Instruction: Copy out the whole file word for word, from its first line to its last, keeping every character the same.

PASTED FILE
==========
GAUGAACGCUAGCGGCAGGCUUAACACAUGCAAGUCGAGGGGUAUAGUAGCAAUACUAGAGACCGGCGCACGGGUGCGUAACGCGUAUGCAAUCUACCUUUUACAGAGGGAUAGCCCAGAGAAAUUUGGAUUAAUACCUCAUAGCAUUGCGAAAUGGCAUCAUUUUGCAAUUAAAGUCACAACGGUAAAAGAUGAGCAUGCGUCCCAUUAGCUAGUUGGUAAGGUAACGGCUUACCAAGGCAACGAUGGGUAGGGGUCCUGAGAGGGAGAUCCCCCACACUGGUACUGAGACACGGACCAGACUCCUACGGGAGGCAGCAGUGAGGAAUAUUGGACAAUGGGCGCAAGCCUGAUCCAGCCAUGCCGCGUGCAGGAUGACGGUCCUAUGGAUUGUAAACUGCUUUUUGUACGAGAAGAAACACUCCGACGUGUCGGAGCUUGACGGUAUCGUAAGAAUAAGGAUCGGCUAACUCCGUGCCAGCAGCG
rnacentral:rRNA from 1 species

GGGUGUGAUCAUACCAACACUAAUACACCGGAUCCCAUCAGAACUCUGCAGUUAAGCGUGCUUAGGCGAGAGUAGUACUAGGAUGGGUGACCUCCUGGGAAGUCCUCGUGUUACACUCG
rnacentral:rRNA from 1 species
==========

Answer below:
GAUGAACGCUAGCGGCAGGCUUAACACAUGCAAGUCGAGGGGUAUAGUAGCAAUACUAGAGACCGGCGCACGGGUGCGUAACGCGUAUGCAAUCUACCUUUUACAGAGGGAUAGCCCAGAGAAAUUUGGAUUAAUACCUCAUAGCAUUGCGAAAUGGCAUCAUUUUGCAAUUAAAGUCACAACGGUAAAAGAUGAGCAUGCGUCCCAUUAGCUAGUUGGUAAGGUAACGGCUUACCAAGGCAACGAUGGGUAGGGGUCCUGAGAGGGAGAUCCCCCACACUGGUACUGAGACACGGACCAGACUCCUACGGGAGGCAGCAGUGAGGAAUAUUGGACAAUGGGCGCAAGCCUGAUCCAGCCAUGCCGCGUGCAGGAUGACGGUCCUAUGGAUUGUAAACUGCUUUUUGUACGAGAAGAAACACUCCGACGUGUCGGAGCUUGACGGUAUCGUAAGAAUAAGGAUCGGCUAACUCCGUGCCAGCAGCG
rnacentral:rRNA from 1 species

GGGUGUGAUCAUACCAACACUAAUACACCGGAUCCCAUCAGAACUCUGCAGUUAAGCGUGCUUAGGCGAGAGUAGUACUAGGAUGGGUGACCUCCUGGGAAGUCCUCGUGUUACACUCG
rnacentral:rRNA from 1 species